Poitiers, France - Statue of Saint Joan of Arc (Église Saint-Hilaire-le-Grand); Worcester, MA - Our Lady of Mt. Carmel Church

Statue of Joan of Arc , Saint Hilaire le Grand church, Poitiers-2.jpg

Title

Poitiers, France - Statue of Saint Joan of Arc (Église Saint-Hilaire-le-Grand); Worcester, MA - Our Lady of Mt. Carmel Church

Catalog Entry

The heroic figure defending the downtrodden is available in most cultures. With the omnipresent threat of violence and invasion by outside forces and religions, the Middle Ages were a time fraught with peril. Because of this, society became fixated on the heroic feats of those believed to be ordained by God to deliver salvation. During the Middle Ages, the hero is a commonly seen figure in religious, literary, and historical contexts.

The Old English tale of Judith is an epic story of a fearless Hebrew leader putting herself in harm's way in order to save her people. The titular character Judith is the de-facto leader of the Hebrew city of Bethulia. The lone city is besieged by an Assyrian army led by the evil general Holofernes. Going alone to the enemy encampment, Judith prays to the Almighty for the strength to decapitate the sinful Holofernes. Judith's accomplishments inspire her people to fight back and eventually eliminate the Assyrian army. Judith is noteworthy not only for being an example of a female hero in Old English literature, but also for being a symbol of religious protection.

However, tales of a divine heroine fighting for the justice of her people are not exclusive to literature, as the historical figure Joan of Arc shares an uncanny number of similarities to fictional heroes. Joan of Arc believed that she received a premonition from God compelling her to take up arms against the English armies. Inspiring her fellow soldiers, Joan of Arc became a hero to the French and eventually succeeded in liberating Orleans. Joan of Arc, despite waging a war, remained faithful to her belief in God. In some instances, for example, she allowed English soldiers to retreat on a Sunday instead of killing them. Despite eventually being executed by the English, Joan of Arc became a martyr for the French cause and lived on as an icon.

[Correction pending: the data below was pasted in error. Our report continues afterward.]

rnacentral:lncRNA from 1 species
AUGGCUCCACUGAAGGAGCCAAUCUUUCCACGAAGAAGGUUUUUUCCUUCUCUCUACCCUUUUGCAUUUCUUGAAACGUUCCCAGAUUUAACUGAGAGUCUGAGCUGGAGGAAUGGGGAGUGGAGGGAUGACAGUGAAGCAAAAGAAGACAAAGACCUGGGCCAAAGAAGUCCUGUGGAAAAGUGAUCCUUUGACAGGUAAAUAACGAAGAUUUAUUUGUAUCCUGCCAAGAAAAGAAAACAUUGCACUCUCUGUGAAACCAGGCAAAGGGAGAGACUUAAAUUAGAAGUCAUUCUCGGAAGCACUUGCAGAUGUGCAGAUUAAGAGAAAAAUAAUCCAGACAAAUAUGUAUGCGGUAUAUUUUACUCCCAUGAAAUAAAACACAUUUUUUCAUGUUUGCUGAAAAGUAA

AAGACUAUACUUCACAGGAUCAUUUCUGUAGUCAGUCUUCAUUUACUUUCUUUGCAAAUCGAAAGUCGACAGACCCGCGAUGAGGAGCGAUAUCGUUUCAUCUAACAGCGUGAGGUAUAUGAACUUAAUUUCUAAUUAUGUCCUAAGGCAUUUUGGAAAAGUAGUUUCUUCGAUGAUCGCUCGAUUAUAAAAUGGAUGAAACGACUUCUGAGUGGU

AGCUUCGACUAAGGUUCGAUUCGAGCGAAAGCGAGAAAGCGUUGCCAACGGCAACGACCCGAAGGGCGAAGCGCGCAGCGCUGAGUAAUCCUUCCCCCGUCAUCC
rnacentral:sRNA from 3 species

Similarly, community leaders in religious circles are often seen as heroes for their ability to help those around them. In Worcester, Massachusetts, early Italian immigrants faced ostracism by the Irish community due to having to share mass with the Irish Catholics at Saint Stephens Church. The Italians would need their own church in order to continue worshipping in their native tongue. Though an attempt to create an Italian parish started in 1890, it was eventually abandoned due to financial complications. In 1904, the project was revived by Monseigneur Gioachino Maffei, who would later become a spiritual leader for the Italian community in Worcester. By 1906, the “Our Lady of Mt. Carmel Church” was officially opene and stood as a welcoming place for Italian Catholics. 

Unfortunately, this historic parish and spiritual pillar of the Worcester community faces possible demolition in the near future. Since 2016, the church has been officially closed due to structural damages it received while being right next to Interstate 290. Repair costs range in the millions, and the property is on sale and currently still looking for a buyer.

On a surface level, Judith, the story of Joan of Arc, and the church “Our Lady of Mt. Carmel” are clearly different, as Monseigneur Maffei building a church and Judith decapitating Holofernes should be quite obviously unrelated. While heroic figures can take many different forms, they all encompass a desire for protection and justice. The Italian parish of Worcester serves just as much as an icon as the monuments of Joan of Arc or the literary exploits of Judith.

Bibliography

"Archive of Most Endangered Historic Resources." Preservation Massaachusetts, 2016, http://www.preservationmass.org/archive.

“Joan of Arc.” Biography.com, 28 Apr. 2017, biography.com/people/joan-of-arc-9354756.

Lucas, Peter J. “Judith and the Woman Hero.” The Yearbook of English Studies, vol. 22, 1992, pp. 17-27. JSTOR, jstor.org/stable/3508373.

Photographer(s)

Kisha G. Tracy

Catalog Entry Author(s)

Jacob Meck, Student, Fitchburg State University

Research Assistant(s)

Chaz Deveney, Student, Fitchburg State University

Citation

“Poitiers, France - Statue of Saint Joan of Arc (Église Saint-Hilaire-le-Grand); Worcester, MA - Our Lady of Mt. Carmel Church,” Transforming Perceptions of Cultural Heritage through Image, accessed February 25, 2018, http://culturalheritagethroughimage.omeka.net/items/show/14.

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